Re: Another great article on identity

On 2015-04-30 18:36, Adrian Hope-Bailie wrote:

"Banks could get together, agree on standards for identity management and authentication,
  and collectively become the gatekeepers for their customers' identities. They could let
  consumers log into any website using their bank ID"

A few questions for you:

- What kind of authentication technology would they use to enable this [1]?

- Wouldn't it be more logical if banks took on Web Payments first [2]?

Anyway, banks *are* since 15 years back acting as public IdPs in Scandinavia although
they (quite unsurprisingly) do neither share technology, nor trust-anchors
(the schemes are all based on X.509 certificates).

A major problem with banks as public IdPs is that they see authentication as a "business model"
where relying parties have to pay for authentications.
The only parties who have bought into this are governments which (at least in Scandinavia)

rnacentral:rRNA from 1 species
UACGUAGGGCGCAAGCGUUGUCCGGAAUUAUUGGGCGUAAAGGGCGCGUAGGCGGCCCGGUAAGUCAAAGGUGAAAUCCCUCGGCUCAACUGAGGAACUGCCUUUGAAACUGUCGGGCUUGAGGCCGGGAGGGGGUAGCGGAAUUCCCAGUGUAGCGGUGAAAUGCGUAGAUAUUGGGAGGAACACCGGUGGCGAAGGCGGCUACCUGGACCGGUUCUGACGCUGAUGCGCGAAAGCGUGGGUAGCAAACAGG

use the same citizen-ID for all files involving a specific citizen.  This is *not* the case for the
private sector who actually isn't that terribly interested in your ID, they rather want your credit card number :-)

My take on the citizen-ID issue is creating a platform (in a mobile phone) which enables
governments to issue virtual electronic IDs without any need for cards or specific client software
to rather *getting away* from bank-IdPs because fee-based authentication have a stifling effect
on the deployment of secure e-government services.


1] The only technology I'm aware of that actually can do this is HTTPS Client Certificate Authentication
    which is generally regarded as inferior from a usability point of view

2] Secure/Convenient/Decentralized like EMV in a shop

Received on Thursday, 30 April 2015 17:40:25 UTC